As we have made it to the third cycle of the triennial reading of the parsha, we skip past some of the most exciting material of this week’s portion - the story of the enslavement, the birth of Moses, the saving of our savior in a basket, his growing up in Pharaoh’s palace, his killing the taskmaster and fleeing to Midian, meeting Tzipporah, meeting the burning bush, meeting God, and receiving instructions to go to Egypt and free his people. We start in the sixth aliyah, where the Torah jumps in with a strange line before Moses departs for Egypt. The text tells us:
וַיֹּאמֶר יְהֹוָה אֶל־מֹשֶׁה בְּמִדְיָן לֵךְ שֻׁב מִצְרָיִם כִּי־מֵתוּ כּל־הָאֲנָשִׁים הַמְבַקְשִׁים אֶת־נַפְשֶׁךָ׃
The LORD said to Moses in Midian, “Go back to Egypt, for all the men who sought to kill you are dead.”
That’s a strange final line to motivate Moshe to get on his way, and one of the hassidic commentators, Rabbi Zeev Wolf Landau of Strikov, a student of both Menachem Mendel of Kotzk and the Chiddushei HaRim, Rabbi Yitzhak Meir Alter of Ger, notes its strangeness.
He says this:
And this is puzzling: the Kadosh Baruch Hu - Holy One Blessed Be - in God’s glory and by Godself sent him to Pharaoh. So why should he be afraid of some random haters amongst the people?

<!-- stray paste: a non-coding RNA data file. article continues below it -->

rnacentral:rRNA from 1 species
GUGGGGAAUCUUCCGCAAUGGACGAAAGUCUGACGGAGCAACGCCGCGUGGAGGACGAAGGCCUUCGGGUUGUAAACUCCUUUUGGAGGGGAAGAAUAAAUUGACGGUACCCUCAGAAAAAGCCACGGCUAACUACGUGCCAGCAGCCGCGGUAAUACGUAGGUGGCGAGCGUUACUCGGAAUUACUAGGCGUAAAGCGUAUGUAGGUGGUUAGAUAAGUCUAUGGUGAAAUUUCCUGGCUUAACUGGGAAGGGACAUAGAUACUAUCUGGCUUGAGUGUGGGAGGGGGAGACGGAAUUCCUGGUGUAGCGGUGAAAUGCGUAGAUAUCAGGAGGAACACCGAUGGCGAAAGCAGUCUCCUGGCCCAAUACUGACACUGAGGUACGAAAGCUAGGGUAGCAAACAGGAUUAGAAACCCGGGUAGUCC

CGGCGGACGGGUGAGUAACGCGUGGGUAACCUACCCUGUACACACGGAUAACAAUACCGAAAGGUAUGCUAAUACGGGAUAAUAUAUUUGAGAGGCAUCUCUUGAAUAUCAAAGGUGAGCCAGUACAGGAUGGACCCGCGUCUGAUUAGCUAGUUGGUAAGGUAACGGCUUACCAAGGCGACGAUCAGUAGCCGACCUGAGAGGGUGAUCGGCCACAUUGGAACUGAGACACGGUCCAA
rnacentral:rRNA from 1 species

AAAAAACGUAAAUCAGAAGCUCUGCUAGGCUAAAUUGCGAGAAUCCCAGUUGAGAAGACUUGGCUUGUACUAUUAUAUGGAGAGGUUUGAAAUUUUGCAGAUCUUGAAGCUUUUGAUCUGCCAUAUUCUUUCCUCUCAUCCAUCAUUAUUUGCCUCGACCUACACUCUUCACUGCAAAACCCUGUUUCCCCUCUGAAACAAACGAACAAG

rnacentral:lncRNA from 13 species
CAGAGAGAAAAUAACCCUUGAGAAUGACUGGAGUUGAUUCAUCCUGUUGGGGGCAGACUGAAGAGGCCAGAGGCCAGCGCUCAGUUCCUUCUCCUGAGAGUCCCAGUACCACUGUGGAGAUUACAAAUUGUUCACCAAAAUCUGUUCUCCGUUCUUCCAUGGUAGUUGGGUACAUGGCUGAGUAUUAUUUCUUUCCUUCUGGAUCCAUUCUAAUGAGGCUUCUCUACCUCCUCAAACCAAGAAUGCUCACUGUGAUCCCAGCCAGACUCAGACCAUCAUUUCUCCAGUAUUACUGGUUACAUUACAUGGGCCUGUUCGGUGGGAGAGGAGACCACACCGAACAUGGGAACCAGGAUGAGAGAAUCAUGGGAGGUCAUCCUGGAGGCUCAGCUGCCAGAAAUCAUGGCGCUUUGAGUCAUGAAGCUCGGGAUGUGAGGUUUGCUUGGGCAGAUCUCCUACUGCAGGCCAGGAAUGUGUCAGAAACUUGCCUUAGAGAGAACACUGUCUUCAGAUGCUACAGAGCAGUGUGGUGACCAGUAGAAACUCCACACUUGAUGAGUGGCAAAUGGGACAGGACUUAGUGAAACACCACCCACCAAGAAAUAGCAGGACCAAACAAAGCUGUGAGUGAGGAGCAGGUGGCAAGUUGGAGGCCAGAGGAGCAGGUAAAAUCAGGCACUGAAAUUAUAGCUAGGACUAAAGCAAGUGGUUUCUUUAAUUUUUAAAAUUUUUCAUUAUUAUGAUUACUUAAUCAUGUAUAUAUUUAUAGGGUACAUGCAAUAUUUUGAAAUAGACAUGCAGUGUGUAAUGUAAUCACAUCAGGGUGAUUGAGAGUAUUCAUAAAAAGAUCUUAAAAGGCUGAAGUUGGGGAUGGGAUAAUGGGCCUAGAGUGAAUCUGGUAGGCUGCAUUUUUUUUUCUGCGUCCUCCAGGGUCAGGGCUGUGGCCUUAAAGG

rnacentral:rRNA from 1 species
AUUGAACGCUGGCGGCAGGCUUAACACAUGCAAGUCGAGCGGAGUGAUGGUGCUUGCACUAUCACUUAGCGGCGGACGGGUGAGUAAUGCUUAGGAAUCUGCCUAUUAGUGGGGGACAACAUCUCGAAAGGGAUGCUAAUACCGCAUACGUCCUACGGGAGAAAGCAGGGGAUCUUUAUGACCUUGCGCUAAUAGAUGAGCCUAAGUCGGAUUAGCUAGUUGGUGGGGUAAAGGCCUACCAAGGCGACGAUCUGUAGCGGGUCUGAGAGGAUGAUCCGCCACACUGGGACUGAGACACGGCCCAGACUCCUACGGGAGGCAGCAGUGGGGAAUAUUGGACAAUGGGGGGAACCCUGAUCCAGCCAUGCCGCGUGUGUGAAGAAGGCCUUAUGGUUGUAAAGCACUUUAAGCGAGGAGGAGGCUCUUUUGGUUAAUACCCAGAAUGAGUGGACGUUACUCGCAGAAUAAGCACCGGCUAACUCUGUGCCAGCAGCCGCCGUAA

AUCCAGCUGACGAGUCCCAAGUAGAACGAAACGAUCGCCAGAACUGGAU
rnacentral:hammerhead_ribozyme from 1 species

Rabbi Zeev of Strikov of course answers his own question:
Rather, was afraid that they would prevent the redemption on account of lashon hara and slander. And all of Moshe’s soul and very existence was dedicated to the redemption of the Jewish people.
I resonate with this comment a lot. On some level, the meaning of this teaching is essentially about the things that dissuade us from the holy task. We all have things we are meant to do - and yet we are afraid to do because we are afraid of what others will think or say. Rabbi Zeev believes that Moshe was afraid to return to Mitzrayim, to Egypt, because folks would crowd around upon his arrival and say ‘oh, that’s Pharaoh’s adopted kid, the murderer, the Hebrew, the foundling, the refugee in Midian, the black sheep’. So God gives him a little pep talk to motivate to go - the haters are all gone. Go and do the thing - complete the sacred mission.
In the Strikover rebbe’s understanding, even Moshe Rabbeinu, whose soul was 110% dedicated to redeeming the Israelites, could be stopped by the fear of what other people think. We are encouraged here to understand that the Torah demands us to stand in our truth - that it is deeply important to remember what we are doing here and to not be afraid to push past the haters and the slanderers to be the deliverers. We are at our worst when we prevaricate and worry excessively about what others will think or say. We are at our best when we focus on the most important task at any given moment in our lives - not the email or pleasing the boss or the office politics or the latest covid policy changes - but the higher calling and the bigger picture.